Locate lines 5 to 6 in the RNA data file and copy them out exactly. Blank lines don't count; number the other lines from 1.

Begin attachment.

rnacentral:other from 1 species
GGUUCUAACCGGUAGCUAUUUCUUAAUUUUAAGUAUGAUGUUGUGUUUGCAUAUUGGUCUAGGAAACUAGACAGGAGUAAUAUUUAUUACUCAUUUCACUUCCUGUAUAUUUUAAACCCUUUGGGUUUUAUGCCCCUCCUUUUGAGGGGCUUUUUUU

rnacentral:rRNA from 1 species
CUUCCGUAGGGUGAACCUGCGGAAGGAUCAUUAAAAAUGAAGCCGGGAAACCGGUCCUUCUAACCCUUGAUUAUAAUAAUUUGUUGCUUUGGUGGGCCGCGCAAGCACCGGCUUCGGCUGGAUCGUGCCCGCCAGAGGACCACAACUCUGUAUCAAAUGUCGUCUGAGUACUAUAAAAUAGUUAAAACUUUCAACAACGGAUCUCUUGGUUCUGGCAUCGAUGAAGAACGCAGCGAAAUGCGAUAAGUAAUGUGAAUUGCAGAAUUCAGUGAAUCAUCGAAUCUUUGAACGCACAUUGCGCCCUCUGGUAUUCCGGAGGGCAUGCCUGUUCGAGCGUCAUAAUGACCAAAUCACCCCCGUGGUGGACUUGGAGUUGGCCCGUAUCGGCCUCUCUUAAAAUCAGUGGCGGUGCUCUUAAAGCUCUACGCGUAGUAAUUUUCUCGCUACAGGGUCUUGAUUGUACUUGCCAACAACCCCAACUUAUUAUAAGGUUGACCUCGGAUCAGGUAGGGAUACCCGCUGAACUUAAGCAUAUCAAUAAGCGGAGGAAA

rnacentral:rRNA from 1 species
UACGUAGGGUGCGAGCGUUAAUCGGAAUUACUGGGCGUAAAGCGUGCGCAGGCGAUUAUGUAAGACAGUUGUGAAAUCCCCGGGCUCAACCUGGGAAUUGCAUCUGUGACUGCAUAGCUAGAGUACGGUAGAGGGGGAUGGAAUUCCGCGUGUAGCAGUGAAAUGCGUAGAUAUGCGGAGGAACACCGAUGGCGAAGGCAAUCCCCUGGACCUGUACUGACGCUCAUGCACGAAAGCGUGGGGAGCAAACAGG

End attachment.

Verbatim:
rnacentral:rRNA from 1 species
UACGUAGGGUGCGAGCGUUAAUCGGAAUUACUGGGCGUAAAGCGUGCGCAGGCGAUUAUGUAAGACAGUUGUGAAAUCCCCGGGCUCAACCUGGGAAUUGCAUCUGUGACUGCAUAGCUAGAGUACGGUAGAGGGGGAUGGAAUUCCGCGUGUAGCAGUGAAAUGCGUAGAUAUGCGGAGGAACACCGAUGGCGAAGGCAAUCCCCUGGACCUGUACUGACGCUCAUGCACGAAAGCGUGGGGAGCAAACAGG